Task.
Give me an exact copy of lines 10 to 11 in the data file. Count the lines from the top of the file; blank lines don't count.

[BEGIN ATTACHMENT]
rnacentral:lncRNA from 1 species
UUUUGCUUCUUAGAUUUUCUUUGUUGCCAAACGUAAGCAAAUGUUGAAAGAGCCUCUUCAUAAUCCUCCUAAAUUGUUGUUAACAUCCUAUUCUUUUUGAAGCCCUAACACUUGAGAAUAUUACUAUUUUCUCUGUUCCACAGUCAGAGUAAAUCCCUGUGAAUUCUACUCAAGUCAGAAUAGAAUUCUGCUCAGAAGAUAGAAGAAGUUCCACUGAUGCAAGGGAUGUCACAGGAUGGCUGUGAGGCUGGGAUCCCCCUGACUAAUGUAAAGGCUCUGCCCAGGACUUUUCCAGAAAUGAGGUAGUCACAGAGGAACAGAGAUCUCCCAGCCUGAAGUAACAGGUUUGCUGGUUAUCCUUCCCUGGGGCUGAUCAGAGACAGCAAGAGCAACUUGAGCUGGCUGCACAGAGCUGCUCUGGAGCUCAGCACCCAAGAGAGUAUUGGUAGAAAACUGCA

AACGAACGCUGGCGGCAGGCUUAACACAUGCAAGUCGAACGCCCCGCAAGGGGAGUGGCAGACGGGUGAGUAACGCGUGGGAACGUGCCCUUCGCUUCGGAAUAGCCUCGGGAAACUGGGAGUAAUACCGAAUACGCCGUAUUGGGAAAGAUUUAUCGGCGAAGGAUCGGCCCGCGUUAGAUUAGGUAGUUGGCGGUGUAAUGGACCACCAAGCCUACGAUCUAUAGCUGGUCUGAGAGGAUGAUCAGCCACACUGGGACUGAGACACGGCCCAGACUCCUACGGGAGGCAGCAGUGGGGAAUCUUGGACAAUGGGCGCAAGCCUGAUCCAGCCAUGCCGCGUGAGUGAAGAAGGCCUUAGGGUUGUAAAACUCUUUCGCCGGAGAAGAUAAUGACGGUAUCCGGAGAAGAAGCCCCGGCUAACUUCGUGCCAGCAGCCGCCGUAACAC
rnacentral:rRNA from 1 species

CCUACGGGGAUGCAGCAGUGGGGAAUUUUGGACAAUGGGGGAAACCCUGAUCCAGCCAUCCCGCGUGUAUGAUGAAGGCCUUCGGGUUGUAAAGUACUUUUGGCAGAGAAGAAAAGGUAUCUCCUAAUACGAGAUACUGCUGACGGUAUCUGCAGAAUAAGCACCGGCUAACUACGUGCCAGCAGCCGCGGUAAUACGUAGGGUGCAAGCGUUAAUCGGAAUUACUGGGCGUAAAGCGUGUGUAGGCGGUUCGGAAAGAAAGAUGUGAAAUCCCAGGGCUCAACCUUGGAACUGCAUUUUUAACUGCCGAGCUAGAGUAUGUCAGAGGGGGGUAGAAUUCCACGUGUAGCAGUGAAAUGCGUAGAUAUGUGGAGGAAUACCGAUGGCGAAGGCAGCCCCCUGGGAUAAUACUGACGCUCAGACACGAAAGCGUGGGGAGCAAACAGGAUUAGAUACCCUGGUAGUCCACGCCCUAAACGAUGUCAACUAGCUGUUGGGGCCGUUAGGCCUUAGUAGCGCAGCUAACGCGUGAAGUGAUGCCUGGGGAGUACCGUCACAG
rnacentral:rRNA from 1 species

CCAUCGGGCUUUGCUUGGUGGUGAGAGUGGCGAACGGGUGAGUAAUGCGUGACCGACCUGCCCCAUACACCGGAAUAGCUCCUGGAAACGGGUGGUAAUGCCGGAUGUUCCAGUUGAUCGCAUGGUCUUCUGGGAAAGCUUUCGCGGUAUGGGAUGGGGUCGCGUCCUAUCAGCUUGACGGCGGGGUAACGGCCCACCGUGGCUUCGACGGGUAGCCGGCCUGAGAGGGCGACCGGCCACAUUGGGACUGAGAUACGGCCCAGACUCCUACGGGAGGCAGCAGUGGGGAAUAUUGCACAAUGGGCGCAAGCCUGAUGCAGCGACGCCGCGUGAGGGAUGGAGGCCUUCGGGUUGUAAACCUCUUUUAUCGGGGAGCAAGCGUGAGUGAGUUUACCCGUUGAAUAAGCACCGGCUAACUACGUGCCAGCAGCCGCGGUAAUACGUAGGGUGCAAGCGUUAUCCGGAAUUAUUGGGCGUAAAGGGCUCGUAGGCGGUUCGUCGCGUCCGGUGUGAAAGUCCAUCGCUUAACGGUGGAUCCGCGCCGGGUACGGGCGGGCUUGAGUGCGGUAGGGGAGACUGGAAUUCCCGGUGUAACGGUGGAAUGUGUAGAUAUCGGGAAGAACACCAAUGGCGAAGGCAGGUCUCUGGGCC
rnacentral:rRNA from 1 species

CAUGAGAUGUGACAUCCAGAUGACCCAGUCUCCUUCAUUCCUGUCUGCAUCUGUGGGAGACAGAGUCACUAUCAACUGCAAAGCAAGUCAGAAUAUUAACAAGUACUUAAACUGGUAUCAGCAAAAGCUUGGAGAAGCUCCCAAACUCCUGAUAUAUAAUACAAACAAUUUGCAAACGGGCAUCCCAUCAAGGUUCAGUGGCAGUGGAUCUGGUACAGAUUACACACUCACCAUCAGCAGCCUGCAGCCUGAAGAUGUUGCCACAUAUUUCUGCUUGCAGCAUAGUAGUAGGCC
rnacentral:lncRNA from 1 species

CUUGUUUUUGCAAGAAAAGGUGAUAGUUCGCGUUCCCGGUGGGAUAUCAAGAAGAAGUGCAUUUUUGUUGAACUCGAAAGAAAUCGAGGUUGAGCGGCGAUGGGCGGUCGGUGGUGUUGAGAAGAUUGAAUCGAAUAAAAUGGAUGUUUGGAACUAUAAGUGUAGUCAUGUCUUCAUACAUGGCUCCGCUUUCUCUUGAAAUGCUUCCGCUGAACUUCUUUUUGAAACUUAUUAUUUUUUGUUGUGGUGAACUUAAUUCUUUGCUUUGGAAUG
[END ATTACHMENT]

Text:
rnacentral:lncRNA from 1 species

CUUGUUUUUGCAAGAAAAGGUGAUAGUUCGCGUUCCCGGUGGGAUAUCAAGAAGAAGUGCAUUUUUGUUGAACUCGAAAGAAAUCGAGGUUGAGCGGCGAUGGGCGGUCGGUGGUGUUGAGAAGAUUGAAUCGAAUAAAAUGGAUGUUUGGAACUAUAAGUGUAGUCAUGUCUUCAUACAUGGCUCCGCUUUCUCUUGAAAUGCUUCCGCUGAACUUCUUUUUGAAACUUAUUAUUUUUUGUUGUGGUGAACUUAAUUCUUUGCUUUGGAAUG